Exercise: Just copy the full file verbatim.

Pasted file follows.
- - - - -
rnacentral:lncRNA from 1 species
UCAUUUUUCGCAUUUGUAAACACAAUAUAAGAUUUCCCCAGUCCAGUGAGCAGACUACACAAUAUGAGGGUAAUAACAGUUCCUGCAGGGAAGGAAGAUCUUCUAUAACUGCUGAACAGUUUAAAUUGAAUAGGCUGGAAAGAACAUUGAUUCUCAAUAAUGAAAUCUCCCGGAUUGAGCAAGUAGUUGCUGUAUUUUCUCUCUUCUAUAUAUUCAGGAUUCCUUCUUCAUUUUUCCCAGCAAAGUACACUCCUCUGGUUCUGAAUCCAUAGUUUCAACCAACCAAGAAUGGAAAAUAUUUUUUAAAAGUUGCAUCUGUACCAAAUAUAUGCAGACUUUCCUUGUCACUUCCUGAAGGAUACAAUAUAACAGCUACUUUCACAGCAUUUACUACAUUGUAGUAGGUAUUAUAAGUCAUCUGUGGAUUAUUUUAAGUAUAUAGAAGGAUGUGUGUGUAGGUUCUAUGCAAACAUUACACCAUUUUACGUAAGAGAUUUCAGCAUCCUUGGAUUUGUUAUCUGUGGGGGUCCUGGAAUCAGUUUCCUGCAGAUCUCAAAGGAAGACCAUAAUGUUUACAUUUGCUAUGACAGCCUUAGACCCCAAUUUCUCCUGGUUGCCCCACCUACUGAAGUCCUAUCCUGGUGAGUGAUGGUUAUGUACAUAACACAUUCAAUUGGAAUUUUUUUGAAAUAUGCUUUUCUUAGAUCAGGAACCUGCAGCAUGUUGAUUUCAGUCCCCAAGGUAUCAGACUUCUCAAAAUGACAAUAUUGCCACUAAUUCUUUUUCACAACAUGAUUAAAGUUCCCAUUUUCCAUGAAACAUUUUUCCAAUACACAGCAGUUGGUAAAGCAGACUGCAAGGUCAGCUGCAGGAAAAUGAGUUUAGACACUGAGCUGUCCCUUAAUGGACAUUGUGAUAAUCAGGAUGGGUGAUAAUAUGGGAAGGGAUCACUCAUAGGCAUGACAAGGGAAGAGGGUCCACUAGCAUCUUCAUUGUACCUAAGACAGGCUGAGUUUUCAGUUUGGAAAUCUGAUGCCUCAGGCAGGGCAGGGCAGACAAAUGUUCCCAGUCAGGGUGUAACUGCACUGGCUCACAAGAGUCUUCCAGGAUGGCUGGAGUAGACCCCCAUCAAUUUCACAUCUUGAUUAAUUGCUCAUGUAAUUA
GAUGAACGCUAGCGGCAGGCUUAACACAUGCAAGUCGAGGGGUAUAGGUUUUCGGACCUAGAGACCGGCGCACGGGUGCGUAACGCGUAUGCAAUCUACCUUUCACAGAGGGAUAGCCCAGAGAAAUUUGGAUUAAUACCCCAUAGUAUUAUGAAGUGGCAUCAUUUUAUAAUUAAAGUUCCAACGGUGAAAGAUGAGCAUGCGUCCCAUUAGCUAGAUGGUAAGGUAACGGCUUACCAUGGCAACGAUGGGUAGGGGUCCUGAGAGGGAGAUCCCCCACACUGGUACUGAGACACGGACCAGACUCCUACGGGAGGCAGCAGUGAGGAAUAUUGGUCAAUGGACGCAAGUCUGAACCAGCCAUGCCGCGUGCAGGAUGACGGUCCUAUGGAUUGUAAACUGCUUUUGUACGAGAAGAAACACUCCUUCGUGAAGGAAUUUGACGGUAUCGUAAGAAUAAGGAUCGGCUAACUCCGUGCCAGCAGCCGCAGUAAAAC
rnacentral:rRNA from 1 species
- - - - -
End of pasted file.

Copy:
rnacentral:lncRNA from 1 species
UCAUUUUUCGCAUUUGUAAACACAAUAUAAGAUUUCCCCAGUCCAGUGAGCAGACUACACAAUAUGAGGGUAAUAACAGUUCCUGCAGGGAAGGAAGAUCUUCUAUAACUGCUGAACAGUUUAAAUUGAAUAGGCUGGAAAGAACAUUGAUUCUCAAUAAUGAAAUCUCCCGGAUUGAGCAAGUAGUUGCUGUAUUUUCUCUCUUCUAUAUAUUCAGGAUUCCUUCUUCAUUUUUCCCAGCAAAGUACACUCCUCUGGUUCUGAAUCCAUAGUUUCAACCAACCAAGAAUGGAAAAUAUUUUUUAAAAGUUGCAUCUGUACCAAAUAUAUGCAGACUUUCCUUGUCACUUCCUGAAGGAUACAAUAUAACAGCUACUUUCACAGCAUUUACUACAUUGUAGUAGGUAUUAUAAGUCAUCUGUGGAUUAUUUUAAGUAUAUAGAAGGAUGUGUGUGUAGGUUCUAUGCAAACAUUACACCAUUUUACGUAAGAGAUUUCAGCAUCCUUGGAUUUGUUAUCUGUGGGGGUCCUGGAAUCAGUUUCCUGCAGAUCUCAAAGGAAGACCAUAAUGUUUACAUUUGCUAUGACAGCCUUAGACCCCAAUUUCUCCUGGUUGCCCCACCUACUGAAGUCCUAUCCUGGUGAGUGAUGGUUAUGUACAUAACACAUUCAAUUGGAAUUUUUUUGAAAUAUGCUUUUCUUAGAUCAGGAACCUGCAGCAUGUUGAUUUCAGUCCCCAAGGUAUCAGACUUCUCAAAAUGACAAUAUUGCCACUAAUUCUUUUUCACAACAUGAUUAAAGUUCCCAUUUUCCAUGAAACAUUUUUCCAAUACACAGCAGUUGGUAAAGCAGACUGCAAGGUCAGCUGCAGGAAAAUGAGUUUAGACACUGAGCUGUCCCUUAAUGGACAUUGUGAUAAUCAGGAUGGGUGAUAAUAUGGGAAGGGAUCACUCAUAGGCAUGACAAGGGAAGAGGGUCCACUAGCAUCUUCAUUGUACCUAAGACAGGCUGAGUUUUCAGUUUGGAAAUCUGAUGCCUCAGGCAGGGCAGGGCAGACAAAUGUUCCCAGUCAGGGUGUAACUGCACUGGCUCACAAGAGUCUUCCAGGAUGGCUGGAGUAGACCCCCAUCAAUUUCACAUCUUGAUUAAUUGCUCAUGUAAUUA
GAUGAACGCUAGCGGCAGGCUUAACACAUGCAAGUCGAGGGGUAUAGGUUUUCGGACCUAGAGACCGGCGCACGGGUGCGUAACGCGUAUGCAAUCUACCUUUCACAGAGGGAUAGCCCAGAGAAAUUUGGAUUAAUACCCCAUAGUAUUAUGAAGUGGCAUCAUUUUAUAAUUAAAGUUCCAACGGUGAAAGAUGAGCAUGCGUCCCAUUAGCUAGAUGGUAAGGUAACGGCUUACCAUGGCAACGAUGGGUAGGGGUCCUGAGAGGGAGAUCCCCCACACUGGUACUGAGACACGGACCAGACUCCUACGGGAGGCAGCAGUGAGGAAUAUUGGUCAAUGGACGCAAGUCUGAACCAGCCAUGCCGCGUGCAGGAUGACGGUCCUAUGGAUUGUAAACUGCUUUUGUACGAGAAGAAACACUCCUUCGUGAAGGAAUUUGACGGUAUCGUAAGAAUAAGGAUCGGCUAACUCCGUGCCAGCAGCCGCAGUAAAAC
rnacentral:rRNA from 1 species